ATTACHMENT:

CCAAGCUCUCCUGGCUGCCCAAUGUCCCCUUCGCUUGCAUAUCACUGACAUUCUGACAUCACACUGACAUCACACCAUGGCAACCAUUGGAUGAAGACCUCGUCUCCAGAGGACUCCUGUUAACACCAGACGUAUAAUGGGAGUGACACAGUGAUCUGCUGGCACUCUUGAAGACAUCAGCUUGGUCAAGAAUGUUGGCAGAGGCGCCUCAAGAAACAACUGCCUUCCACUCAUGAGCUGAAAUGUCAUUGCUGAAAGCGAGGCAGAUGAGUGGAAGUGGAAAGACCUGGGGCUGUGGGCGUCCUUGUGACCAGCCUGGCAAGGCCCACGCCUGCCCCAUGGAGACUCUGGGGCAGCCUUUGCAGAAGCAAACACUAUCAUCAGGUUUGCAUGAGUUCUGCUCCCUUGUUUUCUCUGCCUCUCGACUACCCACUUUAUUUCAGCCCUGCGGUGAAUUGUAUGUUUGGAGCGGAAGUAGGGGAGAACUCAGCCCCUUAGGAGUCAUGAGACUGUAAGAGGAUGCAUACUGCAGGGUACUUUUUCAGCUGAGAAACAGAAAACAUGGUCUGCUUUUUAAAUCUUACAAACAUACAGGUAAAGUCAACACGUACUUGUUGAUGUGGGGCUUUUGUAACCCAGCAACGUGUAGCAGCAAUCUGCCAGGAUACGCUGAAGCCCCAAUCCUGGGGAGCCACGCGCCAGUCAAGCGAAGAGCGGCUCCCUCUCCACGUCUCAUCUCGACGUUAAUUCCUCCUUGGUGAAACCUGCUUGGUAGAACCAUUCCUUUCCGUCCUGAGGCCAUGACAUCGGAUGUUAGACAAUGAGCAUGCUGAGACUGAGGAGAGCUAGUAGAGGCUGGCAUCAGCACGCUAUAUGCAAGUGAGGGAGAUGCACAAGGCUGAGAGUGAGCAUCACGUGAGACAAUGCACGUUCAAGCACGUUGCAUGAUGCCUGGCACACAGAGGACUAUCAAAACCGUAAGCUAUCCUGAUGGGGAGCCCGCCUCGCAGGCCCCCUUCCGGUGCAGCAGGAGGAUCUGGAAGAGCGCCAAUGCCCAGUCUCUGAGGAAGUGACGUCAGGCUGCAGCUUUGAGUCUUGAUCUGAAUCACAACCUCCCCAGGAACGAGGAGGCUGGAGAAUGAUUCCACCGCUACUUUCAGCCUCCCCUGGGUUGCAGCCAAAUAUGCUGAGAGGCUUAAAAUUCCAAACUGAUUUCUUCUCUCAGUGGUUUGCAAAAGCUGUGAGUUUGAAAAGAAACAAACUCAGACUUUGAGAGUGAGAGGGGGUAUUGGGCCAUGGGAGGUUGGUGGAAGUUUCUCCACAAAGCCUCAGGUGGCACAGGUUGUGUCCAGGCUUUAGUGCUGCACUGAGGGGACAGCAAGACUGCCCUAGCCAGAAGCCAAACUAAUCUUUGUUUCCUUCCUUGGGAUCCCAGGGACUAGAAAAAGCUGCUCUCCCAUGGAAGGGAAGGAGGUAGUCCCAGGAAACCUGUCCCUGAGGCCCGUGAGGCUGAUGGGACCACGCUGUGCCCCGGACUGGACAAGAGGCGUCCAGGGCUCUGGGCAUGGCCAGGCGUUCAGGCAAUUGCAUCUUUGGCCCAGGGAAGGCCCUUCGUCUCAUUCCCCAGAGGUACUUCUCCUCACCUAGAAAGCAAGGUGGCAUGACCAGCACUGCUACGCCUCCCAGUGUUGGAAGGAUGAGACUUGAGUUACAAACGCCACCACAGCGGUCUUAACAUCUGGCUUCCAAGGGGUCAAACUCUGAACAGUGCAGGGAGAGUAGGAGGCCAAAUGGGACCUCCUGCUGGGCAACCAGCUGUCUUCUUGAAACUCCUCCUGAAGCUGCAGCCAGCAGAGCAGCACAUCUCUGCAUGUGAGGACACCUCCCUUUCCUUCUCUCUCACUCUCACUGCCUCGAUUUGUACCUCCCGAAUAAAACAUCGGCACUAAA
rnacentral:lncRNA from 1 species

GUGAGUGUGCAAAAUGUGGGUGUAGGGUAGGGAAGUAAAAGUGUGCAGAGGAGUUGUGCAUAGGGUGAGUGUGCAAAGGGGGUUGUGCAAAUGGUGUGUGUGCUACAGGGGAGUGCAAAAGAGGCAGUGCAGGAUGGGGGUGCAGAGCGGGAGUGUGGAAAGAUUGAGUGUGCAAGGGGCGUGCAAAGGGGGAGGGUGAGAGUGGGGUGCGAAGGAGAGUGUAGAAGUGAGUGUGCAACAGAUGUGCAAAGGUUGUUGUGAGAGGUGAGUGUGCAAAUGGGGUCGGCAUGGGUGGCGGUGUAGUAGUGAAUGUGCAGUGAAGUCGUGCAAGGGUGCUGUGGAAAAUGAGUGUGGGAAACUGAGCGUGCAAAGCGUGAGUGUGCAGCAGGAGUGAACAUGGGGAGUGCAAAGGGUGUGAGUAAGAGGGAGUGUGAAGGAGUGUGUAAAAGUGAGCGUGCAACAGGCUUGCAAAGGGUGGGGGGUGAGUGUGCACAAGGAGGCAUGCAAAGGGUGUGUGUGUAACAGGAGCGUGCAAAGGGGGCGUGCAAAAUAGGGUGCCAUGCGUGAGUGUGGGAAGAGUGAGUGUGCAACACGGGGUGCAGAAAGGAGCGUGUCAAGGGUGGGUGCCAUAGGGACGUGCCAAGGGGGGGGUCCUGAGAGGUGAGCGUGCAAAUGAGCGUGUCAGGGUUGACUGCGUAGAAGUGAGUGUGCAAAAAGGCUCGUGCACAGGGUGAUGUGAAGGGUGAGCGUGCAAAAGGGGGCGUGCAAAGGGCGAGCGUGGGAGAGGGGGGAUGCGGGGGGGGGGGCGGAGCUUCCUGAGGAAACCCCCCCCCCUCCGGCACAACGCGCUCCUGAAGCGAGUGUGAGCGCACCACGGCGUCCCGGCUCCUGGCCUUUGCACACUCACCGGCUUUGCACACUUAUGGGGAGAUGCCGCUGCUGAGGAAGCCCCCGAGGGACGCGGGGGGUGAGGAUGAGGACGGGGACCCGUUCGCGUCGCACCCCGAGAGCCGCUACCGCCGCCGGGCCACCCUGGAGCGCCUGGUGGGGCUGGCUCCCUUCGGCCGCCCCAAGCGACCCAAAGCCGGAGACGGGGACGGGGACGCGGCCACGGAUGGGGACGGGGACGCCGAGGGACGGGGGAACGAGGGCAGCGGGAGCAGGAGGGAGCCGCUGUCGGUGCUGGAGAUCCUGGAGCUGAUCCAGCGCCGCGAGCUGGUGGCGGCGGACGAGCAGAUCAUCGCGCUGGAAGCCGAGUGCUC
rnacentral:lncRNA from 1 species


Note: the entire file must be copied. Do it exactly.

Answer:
CCAAGCUCUCCUGGCUGCCCAAUGUCCCCUUCGCUUGCAUAUCACUGACAUUCUGACAUCACACUGACAUCACACCAUGGCAACCAUUGGAUGAAGACCUCGUCUCCAGAGGACUCCUGUUAACACCAGACGUAUAAUGGGAGUGACACAGUGAUCUGCUGGCACUCUUGAAGACAUCAGCUUGGUCAAGAAUGUUGGCAGAGGCGCCUCAAGAAACAACUGCCUUCCACUCAUGAGCUGAAAUGUCAUUGCUGAAAGCGAGGCAGAUGAGUGGAAGUGGAAAGACCUGGGGCUGUGGGCGUCCUUGUGACCAGCCUGGCAAGGCCCACGCCUGCCCCAUGGAGACUCUGGGGCAGCCUUUGCAGAAGCAAACACUAUCAUCAGGUUUGCAUGAGUUCUGCUCCCUUGUUUUCUCUGCCUCUCGACUACCCACUUUAUUUCAGCCCUGCGGUGAAUUGUAUGUUUGGAGCGGAAGUAGGGGAGAACUCAGCCCCUUAGGAGUCAUGAGACUGUAAGAGGAUGCAUACUGCAGGGUACUUUUUCAGCUGAGAAACAGAAAACAUGGUCUGCUUUUUAAAUCUUACAAACAUACAGGUAAAGUCAACACGUACUUGUUGAUGUGGGGCUUUUGUAACCCAGCAACGUGUAGCAGCAAUCUGCCAGGAUACGCUGAAGCCCCAAUCCUGGGGAGCCACGCGCCAGUCAAGCGAAGAGCGGCUCCCUCUCCACGUCUCAUCUCGACGUUAAUUCCUCCUUGGUGAAACCUGCUUGGUAGAACCAUUCCUUUCCGUCCUGAGGCCAUGACAUCGGAUGUUAGACAAUGAGCAUGCUGAGACUGAGGAGAGCUAGUAGAGGCUGGCAUCAGCACGCUAUAUGCAAGUGAGGGAGAUGCACAAGGCUGAGAGUGAGCAUCACGUGAGACAAUGCACGUUCAAGCACGUUGCAUGAUGCCUGGCACACAGAGGACUAUCAAAACCGUAAGCUAUCCUGAUGGGGAGCCCGCCUCGCAGGCCCCCUUCCGGUGCAGCAGGAGGAUCUGGAAGAGCGCCAAUGCCCAGUCUCUGAGGAAGUGACGUCAGGCUGCAGCUUUGAGUCUUGAUCUGAAUCACAACCUCCCCAGGAACGAGGAGGCUGGAGAAUGAUUCCACCGCUACUUUCAGCCUCCCCUGGGUUGCAGCCAAAUAUGCUGAGAGGCUUAAAAUUCCAAACUGAUUUCUUCUCUCAGUGGUUUGCAAAAGCUGUGAGUUUGAAAAGAAACAAACUCAGACUUUGAGAGUGAGAGGGGGUAUUGGGCCAUGGGAGGUUGGUGGAAGUUUCUCCACAAAGCCUCAGGUGGCACAGGUUGUGUCCAGGCUUUAGUGCUGCACUGAGGGGACAGCAAGACUGCCCUAGCCAGAAGCCAAACUAAUCUUUGUUUCCUUCCUUGGGAUCCCAGGGACUAGAAAAAGCUGCUCUCCCAUGGAAGGGAAGGAGGUAGUCCCAGGAAACCUGUCCCUGAGGCCCGUGAGGCUGAUGGGACCACGCUGUGCCCCGGACUGGACAAGAGGCGUCCAGGGCUCUGGGCAUGGCCAGGCGUUCAGGCAAUUGCAUCUUUGGCCCAGGGAAGGCCCUUCGUCUCAUUCCCCAGAGGUACUUCUCCUCACCUAGAAAGCAAGGUGGCAUGACCAGCACUGCUACGCCUCCCAGUGUUGGAAGGAUGAGACUUGAGUUACAAACGCCACCACAGCGGUCUUAACAUCUGGCUUCCAAGGGGUCAAACUCUGAACAGUGCAGGGAGAGUAGGAGGCCAAAUGGGACCUCCUGCUGGGCAACCAGCUGUCUUCUUGAAACUCCUCCUGAAGCUGCAGCCAGCAGAGCAGCACAUCUCUGCAUGUGAGGACACCUCCCUUUCCUUCUCUCUCACUCUCACUGCCUCGAUUUGUACCUCCCGAAUAAAACAUCGGCACUAAA
rnacentral:lncRNA from 1 species

GUGAGUGUGCAAAAUGUGGGUGUAGGGUAGGGAAGUAAAAGUGUGCAGAGGAGUUGUGCAUAGGGUGAGUGUGCAAAGGGGGUUGUGCAAAUGGUGUGUGUGCUACAGGGGAGUGCAAAAGAGGCAGUGCAGGAUGGGGGUGCAGAGCGGGAGUGUGGAAAGAUUGAGUGUGCAAGGGGCGUGCAAAGGGGGAGGGUGAGAGUGGGGUGCGAAGGAGAGUGUAGAAGUGAGUGUGCAACAGAUGUGCAAAGGUUGUUGUGAGAGGUGAGUGUGCAAAUGGGGUCGGCAUGGGUGGCGGUGUAGUAGUGAAUGUGCAGUGAAGUCGUGCAAGGGUGCUGUGGAAAAUGAGUGUGGGAAACUGAGCGUGCAAAGCGUGAGUGUGCAGCAGGAGUGAACAUGGGGAGUGCAAAGGGUGUGAGUAAGAGGGAGUGUGAAGGAGUGUGUAAAAGUGAGCGUGCAACAGGCUUGCAAAGGGUGGGGGGUGAGUGUGCACAAGGAGGCAUGCAAAGGGUGUGUGUGUAACAGGAGCGUGCAAAGGGGGCGUGCAAAAUAGGGUGCCAUGCGUGAGUGUGGGAAGAGUGAGUGUGCAACACGGGGUGCAGAAAGGAGCGUGUCAAGGGUGGGUGCCAUAGGGACGUGCCAAGGGGGGGGUCCUGAGAGGUGAGCGUGCAAAUGAGCGUGUCAGGGUUGACUGCGUAGAAGUGAGUGUGCAAAAAGGCUCGUGCACAGGGUGAUGUGAAGGGUGAGCGUGCAAAAGGGGGCGUGCAAAGGGCGAGCGUGGGAGAGGGGGGAUGCGGGGGGGGGGGCGGAGCUUCCUGAGGAAACCCCCCCCCCUCCGGCACAACGCGCUCCUGAAGCGAGUGUGAGCGCACCACGGCGUCCCGGCUCCUGGCCUUUGCACACUCACCGGCUUUGCACACUUAUGGGGAGAUGCCGCUGCUGAGGAAGCCCCCGAGGGACGCGGGGGGUGAGGAUGAGGACGGGGACCCGUUCGCGUCGCACCCCGAGAGCCGCUACCGCCGCCGGGCCACCCUGGAGCGCCUGGUGGGGCUGGCUCCCUUCGGCCGCCCCAAGCGACCCAAAGCCGGAGACGGGGACGGGGACGCGGCCACGGAUGGGGACGGGGACGCCGAGGGACGGGGGAACGAGGGCAGCGGGAGCAGGAGGGAGCCGCUGUCGGUGCUGGAGAUCCUGGAGCUGAUCCAGCGCCGCGAGCUGGUGGCGGCGGACGAGCAGAUCAUCGCGCUGGAAGCCGAGUGCUC
rnacentral:lncRNA from 1 species